Bellingham Roller Betties part of effort to get the young enrolled in health care coverage


Bellingham Roller Betties

The Bellingham Roller Betties, a competitive roller-derby team, begin their seventh season at 4 p.m. Saturday, Jan. 18, 2014 at Whatcom Community College Pavilion, 237 W. Kellogg Road.


Go to a bruising Bellingham Roller Betties bout this March, leave with information on how to sign up for health coverage under the federal health care overhaul.

The campaign with the roller derby league is part of the recent push by the Washington Health Benefit Exchange to reach out to state residents, specifically young individuals and young families who still might not know of the options available to them or that they could get help paying for premiums.

"There's still a good number of people who don't necessarily know this applies to them," said Dorothy Bradshaw of the nonprofit Whatcom Alliance for Health Advancement.

Whatcom Alliance was one of the organizations chosen statewide to help people enroll in a health plan or coverage through expanded Medicaid, which also is called Apple Health.

The outreach includes other roller derby leagues across the state and the exchange's sponsorship of the Wild West Showdown, a roller derby tournament this weekend in Bremerton.

"We're really there to drive awareness of the opportunity that's available," said Bethany Frey, spokeswoman with the Washington Health Benefit Exchange.

Partnerships with ice hockey teams and a new ad campaign featuring a fictitious rap duo also are part of the effort to reach out to so-called "young invincibles" who are 18 to 34 years old and essential to making the new health insurance marketplace financially viable.

Of the 101,000 Washington residents who have bought private insurance through the exchange so far, about 23 percent are in the desired 18-to-34 age group.

Young people tend to be healthier, and the Kaiser Family Foundation estimates that they need to make up about 40 percent of enrollment in private insurance plans to balance out the higher costs of insuring older, sicker people.

Meanwhile, the same age group makes up roughly 38 percent of those who enrolled under expanded Medicaid in Washington state.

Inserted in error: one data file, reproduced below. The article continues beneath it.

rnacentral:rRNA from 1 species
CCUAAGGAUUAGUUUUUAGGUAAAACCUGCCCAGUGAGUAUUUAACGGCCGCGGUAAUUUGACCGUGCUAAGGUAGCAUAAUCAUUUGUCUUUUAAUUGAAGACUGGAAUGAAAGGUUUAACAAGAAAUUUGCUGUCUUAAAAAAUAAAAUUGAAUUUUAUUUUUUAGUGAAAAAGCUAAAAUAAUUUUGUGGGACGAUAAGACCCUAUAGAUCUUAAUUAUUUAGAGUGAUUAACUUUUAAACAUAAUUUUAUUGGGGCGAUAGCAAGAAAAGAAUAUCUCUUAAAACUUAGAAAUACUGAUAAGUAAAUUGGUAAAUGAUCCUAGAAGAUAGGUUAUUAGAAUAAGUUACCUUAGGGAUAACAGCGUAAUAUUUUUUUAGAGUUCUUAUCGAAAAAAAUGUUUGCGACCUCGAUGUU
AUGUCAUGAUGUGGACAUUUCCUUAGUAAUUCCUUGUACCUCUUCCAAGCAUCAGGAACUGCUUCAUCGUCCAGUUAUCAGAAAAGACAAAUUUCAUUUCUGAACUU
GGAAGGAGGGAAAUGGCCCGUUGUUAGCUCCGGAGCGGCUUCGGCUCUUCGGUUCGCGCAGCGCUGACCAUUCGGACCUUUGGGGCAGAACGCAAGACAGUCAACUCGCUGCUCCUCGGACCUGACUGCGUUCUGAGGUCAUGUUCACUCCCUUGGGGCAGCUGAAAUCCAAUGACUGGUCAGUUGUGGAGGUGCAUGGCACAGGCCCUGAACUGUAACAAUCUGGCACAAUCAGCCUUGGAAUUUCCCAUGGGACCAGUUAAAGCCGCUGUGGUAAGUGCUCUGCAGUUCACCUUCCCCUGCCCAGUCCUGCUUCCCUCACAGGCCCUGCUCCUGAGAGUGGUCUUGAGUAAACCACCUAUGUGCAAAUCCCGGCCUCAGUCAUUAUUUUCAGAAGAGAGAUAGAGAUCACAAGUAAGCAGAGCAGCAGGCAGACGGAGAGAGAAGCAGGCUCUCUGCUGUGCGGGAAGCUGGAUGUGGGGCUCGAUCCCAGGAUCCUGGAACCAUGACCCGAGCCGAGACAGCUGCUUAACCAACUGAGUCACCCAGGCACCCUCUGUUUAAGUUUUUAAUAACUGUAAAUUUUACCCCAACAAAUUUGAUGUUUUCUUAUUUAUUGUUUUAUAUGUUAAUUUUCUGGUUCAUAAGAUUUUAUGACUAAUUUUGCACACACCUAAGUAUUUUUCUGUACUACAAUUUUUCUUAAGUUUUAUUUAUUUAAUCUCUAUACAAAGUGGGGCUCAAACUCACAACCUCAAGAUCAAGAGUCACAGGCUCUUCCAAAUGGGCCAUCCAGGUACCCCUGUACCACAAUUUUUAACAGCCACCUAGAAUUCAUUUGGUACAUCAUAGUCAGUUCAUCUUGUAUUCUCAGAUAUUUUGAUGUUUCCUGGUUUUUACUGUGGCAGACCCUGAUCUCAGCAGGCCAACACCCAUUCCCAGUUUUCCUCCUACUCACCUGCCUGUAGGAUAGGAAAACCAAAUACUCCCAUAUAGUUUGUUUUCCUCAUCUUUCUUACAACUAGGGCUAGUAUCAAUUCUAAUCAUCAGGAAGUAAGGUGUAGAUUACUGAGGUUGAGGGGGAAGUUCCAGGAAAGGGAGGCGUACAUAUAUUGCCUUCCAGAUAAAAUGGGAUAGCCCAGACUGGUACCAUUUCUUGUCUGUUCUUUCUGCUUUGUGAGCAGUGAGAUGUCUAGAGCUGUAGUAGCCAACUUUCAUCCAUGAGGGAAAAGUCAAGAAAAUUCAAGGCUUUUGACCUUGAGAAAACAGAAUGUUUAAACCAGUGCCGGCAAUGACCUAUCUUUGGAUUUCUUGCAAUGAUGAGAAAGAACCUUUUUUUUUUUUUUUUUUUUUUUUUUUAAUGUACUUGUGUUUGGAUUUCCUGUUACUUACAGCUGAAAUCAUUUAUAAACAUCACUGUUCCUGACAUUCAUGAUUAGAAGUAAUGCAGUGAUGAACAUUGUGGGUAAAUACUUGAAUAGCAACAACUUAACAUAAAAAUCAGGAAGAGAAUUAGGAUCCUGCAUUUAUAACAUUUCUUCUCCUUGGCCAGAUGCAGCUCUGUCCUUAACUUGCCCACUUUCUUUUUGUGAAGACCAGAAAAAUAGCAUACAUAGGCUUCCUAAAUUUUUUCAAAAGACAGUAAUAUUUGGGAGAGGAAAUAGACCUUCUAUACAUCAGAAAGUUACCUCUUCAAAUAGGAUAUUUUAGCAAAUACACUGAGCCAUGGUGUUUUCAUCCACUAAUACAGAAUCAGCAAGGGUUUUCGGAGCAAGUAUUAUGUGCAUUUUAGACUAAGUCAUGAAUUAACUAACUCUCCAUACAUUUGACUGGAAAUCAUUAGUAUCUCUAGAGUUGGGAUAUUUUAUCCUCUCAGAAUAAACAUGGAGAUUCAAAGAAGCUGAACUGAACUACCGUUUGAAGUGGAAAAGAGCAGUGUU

In Whatcom County, about 69 percent of those younger than 65 who were eligible for Medicaid expansion or for subsidies to help pay for insurance - a total of 19,400 people - have been enrolled.

That's 13,489 people who have signed up as of the end of January, according to Bradshaw.

The goal was 50 percent.

Most people will be required to have health insurance in 2014 or face a fine under Obamacare.

The open enrollment period for buying plans through ends March 31.

"We're expecting to see a bump at the end of the March open enrollment period, especially in that age group," Bradshaw said of the young demographic.

People can't sign up for health insurance again until the next open enrollment, which begins Oct. 15, unless they've experienced events such as losing a job that offered health insurance, having a baby, getting married or becoming a legal resident or citizen.

Then they can apply for health coverage within 60 days.

There isn't an open enrollment period for Medicaid so people can apply anytime.

The Associated Press contributed to this report.


-- Go online to

-- Call the Customer Service Center at 1-855-923-4633.

-- Contact a qualified insurance broker. Find the list at Click "Find and Compare Health Plans" and then "Find a Broker."

-- Get help from what's known as an in-person assister by calling the following organizations in Whatcom County:

-- Interfaith Community Health Center at 360-676-6177.

-- Mt. Baker Planned Parenthood at 360-734-9095.

-- Opportunity Council - East Whatcom at 360-599-3991.

-- SeaMar Community Health Center at 1-855-289-4503.

-- Whatcom Alliance for Health Advancement at 360-788-6594.

Reach Kie Relyea at 360-715-2234 or .

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